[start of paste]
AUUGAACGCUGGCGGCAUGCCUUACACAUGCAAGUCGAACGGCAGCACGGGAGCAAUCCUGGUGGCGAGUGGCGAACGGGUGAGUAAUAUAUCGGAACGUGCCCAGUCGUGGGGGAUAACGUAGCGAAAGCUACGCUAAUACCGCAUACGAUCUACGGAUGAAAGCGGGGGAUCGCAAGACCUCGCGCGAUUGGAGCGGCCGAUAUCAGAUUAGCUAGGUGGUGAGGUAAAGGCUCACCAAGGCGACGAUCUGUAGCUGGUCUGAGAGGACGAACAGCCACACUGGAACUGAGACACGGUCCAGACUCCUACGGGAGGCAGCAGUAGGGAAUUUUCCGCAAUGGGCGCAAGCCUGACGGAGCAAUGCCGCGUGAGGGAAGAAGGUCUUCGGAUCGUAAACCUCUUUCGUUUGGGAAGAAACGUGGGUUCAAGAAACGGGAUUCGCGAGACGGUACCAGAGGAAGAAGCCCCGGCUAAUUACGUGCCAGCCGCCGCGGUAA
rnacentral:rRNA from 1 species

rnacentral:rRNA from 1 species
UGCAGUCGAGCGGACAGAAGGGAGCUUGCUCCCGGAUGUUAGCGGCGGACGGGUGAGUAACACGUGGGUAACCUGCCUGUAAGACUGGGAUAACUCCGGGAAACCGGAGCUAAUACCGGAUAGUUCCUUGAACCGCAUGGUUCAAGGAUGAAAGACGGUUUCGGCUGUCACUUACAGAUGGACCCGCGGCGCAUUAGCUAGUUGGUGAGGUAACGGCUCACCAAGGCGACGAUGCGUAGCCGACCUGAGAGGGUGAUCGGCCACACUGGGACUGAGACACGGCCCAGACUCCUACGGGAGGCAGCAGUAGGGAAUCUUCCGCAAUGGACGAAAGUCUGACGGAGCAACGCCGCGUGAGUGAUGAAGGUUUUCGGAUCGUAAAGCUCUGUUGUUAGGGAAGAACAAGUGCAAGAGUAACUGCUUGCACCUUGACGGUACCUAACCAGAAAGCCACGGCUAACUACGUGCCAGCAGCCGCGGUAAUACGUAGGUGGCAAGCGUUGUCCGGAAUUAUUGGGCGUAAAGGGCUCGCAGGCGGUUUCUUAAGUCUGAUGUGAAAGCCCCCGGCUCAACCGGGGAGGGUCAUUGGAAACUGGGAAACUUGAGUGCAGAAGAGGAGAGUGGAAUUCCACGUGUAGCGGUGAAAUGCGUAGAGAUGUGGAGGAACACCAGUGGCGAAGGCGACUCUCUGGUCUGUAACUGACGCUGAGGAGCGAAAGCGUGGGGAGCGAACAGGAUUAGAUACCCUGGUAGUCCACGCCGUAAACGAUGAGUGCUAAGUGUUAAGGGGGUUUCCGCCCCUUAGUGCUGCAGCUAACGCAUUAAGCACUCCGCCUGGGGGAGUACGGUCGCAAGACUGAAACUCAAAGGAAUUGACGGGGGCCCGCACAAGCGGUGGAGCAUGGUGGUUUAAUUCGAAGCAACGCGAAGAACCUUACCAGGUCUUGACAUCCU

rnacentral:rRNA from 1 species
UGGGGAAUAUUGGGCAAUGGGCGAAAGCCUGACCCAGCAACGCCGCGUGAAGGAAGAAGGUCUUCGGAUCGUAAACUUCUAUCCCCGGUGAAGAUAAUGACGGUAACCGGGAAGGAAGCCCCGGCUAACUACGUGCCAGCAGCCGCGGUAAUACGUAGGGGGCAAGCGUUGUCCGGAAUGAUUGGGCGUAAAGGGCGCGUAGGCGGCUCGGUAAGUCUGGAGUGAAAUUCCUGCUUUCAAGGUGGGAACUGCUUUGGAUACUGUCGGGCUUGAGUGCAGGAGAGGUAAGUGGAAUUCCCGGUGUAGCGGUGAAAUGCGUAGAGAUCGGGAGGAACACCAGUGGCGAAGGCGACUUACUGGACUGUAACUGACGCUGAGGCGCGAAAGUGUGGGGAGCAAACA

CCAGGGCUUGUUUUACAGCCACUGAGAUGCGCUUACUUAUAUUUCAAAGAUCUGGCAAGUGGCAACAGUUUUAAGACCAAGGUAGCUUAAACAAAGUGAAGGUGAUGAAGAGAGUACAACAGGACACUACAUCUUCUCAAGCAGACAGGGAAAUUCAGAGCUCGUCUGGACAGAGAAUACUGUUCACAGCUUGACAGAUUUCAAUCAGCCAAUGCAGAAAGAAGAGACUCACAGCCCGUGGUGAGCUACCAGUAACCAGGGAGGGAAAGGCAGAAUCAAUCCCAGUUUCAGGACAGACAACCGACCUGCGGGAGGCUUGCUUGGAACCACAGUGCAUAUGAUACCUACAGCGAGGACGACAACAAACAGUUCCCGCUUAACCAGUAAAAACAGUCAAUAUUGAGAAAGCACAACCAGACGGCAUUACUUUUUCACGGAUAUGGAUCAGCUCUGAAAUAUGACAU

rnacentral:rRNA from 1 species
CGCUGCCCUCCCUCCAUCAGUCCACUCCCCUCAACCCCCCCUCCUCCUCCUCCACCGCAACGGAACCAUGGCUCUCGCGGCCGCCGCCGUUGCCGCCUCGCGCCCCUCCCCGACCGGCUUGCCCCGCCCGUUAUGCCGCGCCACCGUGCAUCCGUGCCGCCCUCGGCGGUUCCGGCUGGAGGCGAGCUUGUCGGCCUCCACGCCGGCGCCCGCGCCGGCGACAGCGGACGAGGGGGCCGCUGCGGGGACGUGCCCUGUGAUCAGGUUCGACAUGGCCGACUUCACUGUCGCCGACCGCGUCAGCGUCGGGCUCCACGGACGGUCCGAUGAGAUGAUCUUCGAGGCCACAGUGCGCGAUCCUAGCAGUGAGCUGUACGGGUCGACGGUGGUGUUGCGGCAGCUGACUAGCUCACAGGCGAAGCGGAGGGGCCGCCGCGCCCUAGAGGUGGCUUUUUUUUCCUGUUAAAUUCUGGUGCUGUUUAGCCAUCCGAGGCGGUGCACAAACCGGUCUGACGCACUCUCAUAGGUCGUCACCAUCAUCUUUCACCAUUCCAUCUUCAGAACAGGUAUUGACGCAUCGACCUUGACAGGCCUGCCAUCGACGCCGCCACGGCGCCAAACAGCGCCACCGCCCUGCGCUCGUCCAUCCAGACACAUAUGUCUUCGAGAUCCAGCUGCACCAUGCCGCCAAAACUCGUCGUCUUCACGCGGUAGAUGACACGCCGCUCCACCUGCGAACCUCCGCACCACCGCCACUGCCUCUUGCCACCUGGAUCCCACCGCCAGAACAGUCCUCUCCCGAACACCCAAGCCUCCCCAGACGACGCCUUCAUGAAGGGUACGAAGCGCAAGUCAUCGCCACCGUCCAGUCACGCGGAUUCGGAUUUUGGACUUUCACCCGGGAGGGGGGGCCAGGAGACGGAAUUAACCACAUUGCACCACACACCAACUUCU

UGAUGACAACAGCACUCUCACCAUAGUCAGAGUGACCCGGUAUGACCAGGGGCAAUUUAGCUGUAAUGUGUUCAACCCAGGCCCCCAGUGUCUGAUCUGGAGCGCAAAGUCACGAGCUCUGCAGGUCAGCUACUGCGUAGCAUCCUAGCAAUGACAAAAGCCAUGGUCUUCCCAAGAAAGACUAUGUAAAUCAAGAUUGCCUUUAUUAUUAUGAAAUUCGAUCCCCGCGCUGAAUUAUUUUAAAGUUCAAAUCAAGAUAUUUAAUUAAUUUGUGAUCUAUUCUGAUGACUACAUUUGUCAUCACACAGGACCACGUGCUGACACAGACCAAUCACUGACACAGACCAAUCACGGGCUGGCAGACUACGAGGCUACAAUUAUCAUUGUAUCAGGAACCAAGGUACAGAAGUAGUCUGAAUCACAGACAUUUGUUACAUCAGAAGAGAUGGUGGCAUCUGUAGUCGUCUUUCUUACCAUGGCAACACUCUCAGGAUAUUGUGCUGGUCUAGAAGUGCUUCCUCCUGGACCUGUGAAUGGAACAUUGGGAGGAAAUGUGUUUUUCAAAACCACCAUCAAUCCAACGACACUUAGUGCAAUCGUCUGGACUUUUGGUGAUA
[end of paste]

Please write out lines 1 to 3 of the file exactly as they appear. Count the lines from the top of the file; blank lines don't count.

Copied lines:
AUUGAACGCUGGCGGCAUGCCUUACACAUGCAAGUCGAACGGCAGCACGGGAGCAAUCCUGGUGGCGAGUGGCGAACGGGUGAGUAAUAUAUCGGAACGUGCCCAGUCGUGGGGGAUAACGUAGCGAAAGCUACGCUAAUACCGCAUACGAUCUACGGAUGAAAGCGGGGGAUCGCAAGACCUCGCGCGAUUGGAGCGGCCGAUAUCAGAUUAGCUAGGUGGUGAGGUAAAGGCUCACCAAGGCGACGAUCUGUAGCUGGUCUGAGAGGACGAACAGCCACACUGGAACUGAGACACGGUCCAGACUCCUACGGGAGGCAGCAGUAGGGAAUUUUCCGCAAUGGGCGCAAGCCUGACGGAGCAAUGCCGCGUGAGGGAAGAAGGUCUUCGGAUCGUAAACCUCUUUCGUUUGGGAAGAAACGUGGGUUCAAGAAACGGGAUUCGCGAGACGGUACCAGAGGAAGAAGCCCCGGCUAAUUACGUGCCAGCCGCCGCGGUAA
rnacentral:rRNA from 1 species

rnacentral:rRNA from 1 species